Abduction takes place when one person holds another prisoner. However in determining whether or not a crime took place, Pennsylvania takes into account your intentions. Every case is unique, and if you are charged with abduction your side of the story needs to come out clearly. If you have been questioned by the police or arrested, it’s essential that you immediately retain an experienced defense attorney who understands abduction law.
What You Need To Know About Abduction
Abduction, called criminal coercion in the Pennsylvania criminal code, occurs when someone intentionally restricts the freedom of another person, and threatens to do one or more of the following:
- Commit a criminal offense
- Accuse anyone of a criminal offense
- Expose a secret that would subject someone to hatred, contempt or ridicule
- Take or withhold action as an official, or cause an official to take or withhold action
Criminal coercion is a misdemeanor of the second degree. However if the offender threatens to commit a felony or their intent is felonious, it can be graded as a misdemeanor of the first degree.
The most important defense you can provide for an abduction charge is that you honestly believed that the reason you were holding the person was true – that you held them to expose their criminal offense or a prevent exposing a secret that would cause hatred or ridicule – and your action was justified. Your intent was limited to compelling the other person to behave in a reasonable way, to stop them from misbehavior, and to make good on a wrong that was done.
What To Do If You Are Charged
If you are charged with abduction, do not anger the arresting officer unnecessarily.
You will probably be held in jail overnight. At this stage, do not discuss what happened with the police or claim your innocence.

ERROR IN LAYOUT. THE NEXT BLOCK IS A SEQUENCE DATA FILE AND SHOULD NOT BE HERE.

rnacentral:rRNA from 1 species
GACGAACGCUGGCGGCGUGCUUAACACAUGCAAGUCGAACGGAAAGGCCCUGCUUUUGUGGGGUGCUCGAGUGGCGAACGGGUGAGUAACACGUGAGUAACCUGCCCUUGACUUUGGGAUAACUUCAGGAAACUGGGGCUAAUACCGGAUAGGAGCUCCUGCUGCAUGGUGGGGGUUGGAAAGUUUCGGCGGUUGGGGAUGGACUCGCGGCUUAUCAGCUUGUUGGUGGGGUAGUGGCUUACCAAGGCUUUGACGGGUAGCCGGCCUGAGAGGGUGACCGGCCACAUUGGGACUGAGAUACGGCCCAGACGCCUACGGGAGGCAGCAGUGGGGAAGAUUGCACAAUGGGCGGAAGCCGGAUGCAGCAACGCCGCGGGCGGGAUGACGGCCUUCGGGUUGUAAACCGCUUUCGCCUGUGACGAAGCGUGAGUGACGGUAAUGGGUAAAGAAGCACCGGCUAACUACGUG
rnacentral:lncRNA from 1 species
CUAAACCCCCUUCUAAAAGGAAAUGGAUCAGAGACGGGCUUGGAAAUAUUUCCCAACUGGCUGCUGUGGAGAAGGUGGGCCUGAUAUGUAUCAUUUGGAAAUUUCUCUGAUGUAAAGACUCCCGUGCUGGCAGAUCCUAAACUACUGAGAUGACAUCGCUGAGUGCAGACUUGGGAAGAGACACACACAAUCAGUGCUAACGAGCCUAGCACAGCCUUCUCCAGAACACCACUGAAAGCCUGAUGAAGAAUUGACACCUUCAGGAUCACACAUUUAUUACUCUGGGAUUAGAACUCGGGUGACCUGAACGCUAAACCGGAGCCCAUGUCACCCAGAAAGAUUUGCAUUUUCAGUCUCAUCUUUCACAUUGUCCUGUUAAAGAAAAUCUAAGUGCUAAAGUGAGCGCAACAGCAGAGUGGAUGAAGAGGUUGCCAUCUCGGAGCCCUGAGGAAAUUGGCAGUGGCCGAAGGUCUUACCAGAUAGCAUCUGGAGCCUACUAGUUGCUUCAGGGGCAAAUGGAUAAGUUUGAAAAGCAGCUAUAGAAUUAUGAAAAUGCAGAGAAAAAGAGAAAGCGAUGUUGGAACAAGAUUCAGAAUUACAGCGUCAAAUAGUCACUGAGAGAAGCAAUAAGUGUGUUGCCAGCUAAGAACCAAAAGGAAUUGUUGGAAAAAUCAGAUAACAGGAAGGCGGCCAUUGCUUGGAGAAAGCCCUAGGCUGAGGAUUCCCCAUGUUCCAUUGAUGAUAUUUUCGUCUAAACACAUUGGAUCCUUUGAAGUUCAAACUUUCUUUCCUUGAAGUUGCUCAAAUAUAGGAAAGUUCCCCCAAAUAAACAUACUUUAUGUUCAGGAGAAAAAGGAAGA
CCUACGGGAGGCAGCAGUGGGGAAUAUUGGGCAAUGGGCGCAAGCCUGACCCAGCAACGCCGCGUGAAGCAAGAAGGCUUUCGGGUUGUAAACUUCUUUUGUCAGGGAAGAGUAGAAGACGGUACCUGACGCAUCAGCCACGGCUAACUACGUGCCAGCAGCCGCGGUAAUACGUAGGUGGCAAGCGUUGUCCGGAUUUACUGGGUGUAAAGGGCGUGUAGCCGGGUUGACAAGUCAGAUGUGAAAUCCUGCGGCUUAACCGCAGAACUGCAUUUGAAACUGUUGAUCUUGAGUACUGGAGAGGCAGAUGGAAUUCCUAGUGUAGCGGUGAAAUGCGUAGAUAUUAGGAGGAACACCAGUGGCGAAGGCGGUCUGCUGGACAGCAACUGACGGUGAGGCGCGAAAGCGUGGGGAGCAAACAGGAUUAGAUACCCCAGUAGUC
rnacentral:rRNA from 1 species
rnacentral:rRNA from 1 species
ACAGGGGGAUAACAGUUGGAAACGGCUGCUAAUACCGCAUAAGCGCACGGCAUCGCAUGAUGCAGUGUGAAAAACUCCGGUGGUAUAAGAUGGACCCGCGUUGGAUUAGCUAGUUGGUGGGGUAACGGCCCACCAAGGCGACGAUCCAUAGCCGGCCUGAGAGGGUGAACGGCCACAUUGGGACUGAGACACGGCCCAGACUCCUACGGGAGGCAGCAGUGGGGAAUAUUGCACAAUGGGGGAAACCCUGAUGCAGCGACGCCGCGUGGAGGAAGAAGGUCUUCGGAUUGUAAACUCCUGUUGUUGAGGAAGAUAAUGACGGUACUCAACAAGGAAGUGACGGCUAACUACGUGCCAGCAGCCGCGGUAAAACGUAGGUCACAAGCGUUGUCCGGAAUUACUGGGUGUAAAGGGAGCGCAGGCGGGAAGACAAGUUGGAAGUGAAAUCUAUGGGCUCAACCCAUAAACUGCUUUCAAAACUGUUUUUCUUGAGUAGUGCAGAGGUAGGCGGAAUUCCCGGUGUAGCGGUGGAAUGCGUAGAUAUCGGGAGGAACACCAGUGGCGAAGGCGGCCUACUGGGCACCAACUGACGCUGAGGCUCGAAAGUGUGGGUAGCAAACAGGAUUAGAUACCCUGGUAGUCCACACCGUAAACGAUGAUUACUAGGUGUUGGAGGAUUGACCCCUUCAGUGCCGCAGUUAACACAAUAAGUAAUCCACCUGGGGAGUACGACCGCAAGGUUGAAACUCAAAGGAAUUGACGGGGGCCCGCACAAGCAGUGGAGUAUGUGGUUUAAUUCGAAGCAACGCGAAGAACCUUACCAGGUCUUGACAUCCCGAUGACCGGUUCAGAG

- As with most criminal charges, you should not talk to the police or prosecutors without your attorney by your side. What you say can be taken out of context and used against you.
- If the police question you, tell them you want a lawyer and politely refuse to answer their questions.
What Your Lawyer Can Do
Your attorney will carefully review every aspect of your case to determine if there is evidence for all you have been accused of.
- Your attorney will investigate to find out if there is evidence that the alleged victim came with you willingly.
- If it is a you-said/they-said situation, where the only evidence against you is an accusation, you will be in a stronger position.
- Your lawyer will make every effort to discredit any evidence not in your favor.
- If the case goes to court, your lawyer will try to prove to the jury that you that you restricted the other person’s freedom because you believed doing so would stop them from misbehavior.
Your lawyer will be looking at every avenue that can help you, so it’s important that you give them all of the information that can support your case.
How A Lawyer Will Help
When you are up against an abduction charge, even before your first hearing you will be facing a determined prosecutor and Pennsylvania’s strict abduction laws. You need an attorney who will stand by you every step of the way, work hard to discredit any evidence – and work with you to determine your best course of action.
Pennsylvania Abduction Law
Criminal coercion is described and defined under The Pennsylvania Criminal Code under Title 18, Chapter 29. Read the code here.
Questions? Contact us today.
Based on the evidence, Fienman Defense will try to show that the charges should be dismissed. If it’s in your best interest, we will work to negotiate a lesser sentence. Should the case go to trial, we will fight to present the strongest defense possible for your situation.